“When you find yourself isolated, not able to find connection in the ways you normally would, disruptions in your normal relationships, disruptions in your eating and sleeping, those are signs that you need some help,” Butler added.
Sommer Brokaw is a reporter with The Weekly Challenger. This story is part of a collaboration with The Florida Courier, The Weekly Challenger, RoyalTee Magazine and WUSF Public Media.
- If you are or know someone in crisis, call the National Suicide Prevention Lifeline to speak with a trained crisis counselor 24/7 at 800-273-TALK (8255).
- To connect with a trained crisis counselor and receive free 24/7 crisis support through text message, text NAMI to 741-741.
- National Domestic Violence Hotline: Call 800-799-SAFE (7233)
- National Sexual Assault Hotline: Call 800-656-HOPE (4673)
- If you or someone you know needs help, call the NAMI Helpline, Monday-Friday from 10-10 p.m. ET, at 1-800-950-NAMI (6264)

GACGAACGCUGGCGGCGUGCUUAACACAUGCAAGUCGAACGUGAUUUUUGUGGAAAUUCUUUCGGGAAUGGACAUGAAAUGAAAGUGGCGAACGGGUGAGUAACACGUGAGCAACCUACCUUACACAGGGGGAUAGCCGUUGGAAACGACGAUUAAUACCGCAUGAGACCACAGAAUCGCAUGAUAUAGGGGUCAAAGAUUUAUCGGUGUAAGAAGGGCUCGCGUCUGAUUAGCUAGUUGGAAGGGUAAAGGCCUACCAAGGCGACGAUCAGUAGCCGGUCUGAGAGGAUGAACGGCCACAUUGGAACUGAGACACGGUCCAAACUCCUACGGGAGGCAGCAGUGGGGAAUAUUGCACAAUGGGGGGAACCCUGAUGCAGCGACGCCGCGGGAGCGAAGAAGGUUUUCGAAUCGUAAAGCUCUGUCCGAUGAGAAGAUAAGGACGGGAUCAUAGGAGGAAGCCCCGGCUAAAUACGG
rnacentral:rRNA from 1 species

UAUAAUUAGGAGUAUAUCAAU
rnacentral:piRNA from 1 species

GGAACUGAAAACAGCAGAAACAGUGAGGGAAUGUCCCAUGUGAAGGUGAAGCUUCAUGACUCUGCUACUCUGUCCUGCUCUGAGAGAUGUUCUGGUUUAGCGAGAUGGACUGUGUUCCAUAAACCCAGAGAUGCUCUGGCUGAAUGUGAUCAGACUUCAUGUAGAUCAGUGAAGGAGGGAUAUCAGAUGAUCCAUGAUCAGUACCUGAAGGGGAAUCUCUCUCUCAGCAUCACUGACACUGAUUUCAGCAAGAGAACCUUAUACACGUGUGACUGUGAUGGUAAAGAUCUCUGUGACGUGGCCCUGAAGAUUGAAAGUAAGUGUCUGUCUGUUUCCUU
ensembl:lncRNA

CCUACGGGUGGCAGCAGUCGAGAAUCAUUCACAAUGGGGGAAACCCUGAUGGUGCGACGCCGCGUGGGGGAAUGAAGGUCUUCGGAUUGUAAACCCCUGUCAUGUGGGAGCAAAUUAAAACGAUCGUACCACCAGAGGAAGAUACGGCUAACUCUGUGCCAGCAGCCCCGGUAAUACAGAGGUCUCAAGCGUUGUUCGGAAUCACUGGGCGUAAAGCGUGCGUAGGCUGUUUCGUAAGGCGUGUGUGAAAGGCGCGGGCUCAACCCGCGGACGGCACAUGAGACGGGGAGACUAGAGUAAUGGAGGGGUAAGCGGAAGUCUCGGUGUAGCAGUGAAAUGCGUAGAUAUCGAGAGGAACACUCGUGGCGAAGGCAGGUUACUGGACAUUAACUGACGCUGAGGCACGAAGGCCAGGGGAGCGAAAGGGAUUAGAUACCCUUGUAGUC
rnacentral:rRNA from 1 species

- For local help, call The Well for Life at 727-401-0239
American Psychiatric Association’s Mental Health Facts (2017) – Use of Services and Disparities
- Rates of mental illness in African Americans are similar to those in the general population. But disparities exist regarding mental health care services.
- Only one-in-three African Americans who need mental health care receive it
- African Americans are also more likely to use emergency rooms or primary care (rather than mental health specialists).
American Psychiatric Association’s Mental Health Facts – Barriers to Care
- Stigma associated with mental illness
- Lack of providers from diverse racial/ethnic backgrounds
- Lack of access to culturally competent providers
- Lack of insurance, underinsurance
- Distrust of the health care system